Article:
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Motor vehicle accidents are the leading cause of death and crippling injury in the United States. Traffic safety laws are important components of vehicle safety, but the most important aspect of vehicle safety is the driver.

IMPORTANT:All TAMUS-HSC employees who operate a motor vehicle for company business (whether a company vehicle, rental vehicle, or personal vehicle) must possess a valid state driver's license for their vehicle's class.

To ensure driving safety, follow these driving practices:

  • Never drink and drive. Driving while under the influence of alcohol or drugs is strictly prohibited.
  • Obey all traffic laws, signs, and signals.
  • Respond to dangerous driving conditions as appropriate.
  • Maintain a safe distance between your car and any car in front of you. Allow at least one car length for each 10 MPH (e.g., three car lengths if you are driving 30 MPH).
  • Keep your eyes moving to avoid fatigue, especially if you plan on driving for a long period.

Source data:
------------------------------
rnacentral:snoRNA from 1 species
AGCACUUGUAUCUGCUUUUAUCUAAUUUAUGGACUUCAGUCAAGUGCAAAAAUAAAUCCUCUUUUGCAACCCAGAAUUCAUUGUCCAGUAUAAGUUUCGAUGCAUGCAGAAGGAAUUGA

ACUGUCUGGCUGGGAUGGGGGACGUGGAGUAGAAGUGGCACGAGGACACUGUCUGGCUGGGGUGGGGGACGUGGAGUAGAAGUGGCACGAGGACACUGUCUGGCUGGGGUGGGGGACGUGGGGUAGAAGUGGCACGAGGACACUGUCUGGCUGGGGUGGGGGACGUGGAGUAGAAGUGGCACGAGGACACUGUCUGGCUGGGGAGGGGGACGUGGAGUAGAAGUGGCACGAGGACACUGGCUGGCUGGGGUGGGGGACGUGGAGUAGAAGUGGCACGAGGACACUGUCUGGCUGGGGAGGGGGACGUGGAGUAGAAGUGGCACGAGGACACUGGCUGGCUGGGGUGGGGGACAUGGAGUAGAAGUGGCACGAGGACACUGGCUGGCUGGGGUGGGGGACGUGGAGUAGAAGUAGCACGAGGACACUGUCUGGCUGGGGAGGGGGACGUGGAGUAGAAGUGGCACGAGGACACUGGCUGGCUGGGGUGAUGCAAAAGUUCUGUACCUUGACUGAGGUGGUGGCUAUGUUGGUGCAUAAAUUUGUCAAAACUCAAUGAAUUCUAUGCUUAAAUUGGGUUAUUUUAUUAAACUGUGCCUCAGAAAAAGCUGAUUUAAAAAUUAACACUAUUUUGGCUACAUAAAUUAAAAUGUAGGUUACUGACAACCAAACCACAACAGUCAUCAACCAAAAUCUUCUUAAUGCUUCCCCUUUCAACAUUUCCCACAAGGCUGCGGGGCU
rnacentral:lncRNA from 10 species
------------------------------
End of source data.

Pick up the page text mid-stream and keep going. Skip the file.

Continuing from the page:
• Always use your turn signal to indicate your intended action.
  • Leave yourself an "out" by either driving in the lane with a shoulder, driving in the middle lane of a multi-lane road, or following other vehicles at a safe distance.

2. Defensive Driving

By taking defensive driving courses, employees can promote driving safety and lower their insurance rates. The principles of defensive driving include the following:

  • Knowledge: Know your vehicle and know the law.
  • Control: Always maintain control of your vehicle. To improve your control, perform routine vehicle maintenance and respond to road conditions as appropriate.
  • Attitude: Be willing to obey all laws and be willing to yield to all other vehicles and pedestrians.
  • Reaction: Respond to driving conditions appropriately. Do not impede your reaction time by driving when tired or under the influence of alcohol or drugs.
  • Observation: Be aware of potential accidents and take preventive measures. Always try to anticipate the actions of other drivers.
  • Common Sense: Do not risk your safety to save time. Do not respond to rude or obnoxious drivers by violating traffic laws.

3. Backing Vehicles

Backing a large vehicle can be very difficult. Try to avoid backing whenever possible. If you must back a vehicle, follow these guidelines:

  • Get out of the vehicle and inspect the area you want to back into.
  • If possible, have someone outside help guide your vehicle into position.
  • If your vehicle does not automatically sound a horn when in reverse, sound the horn once before moving backwards.
  • Back slowly and check your mirrors often.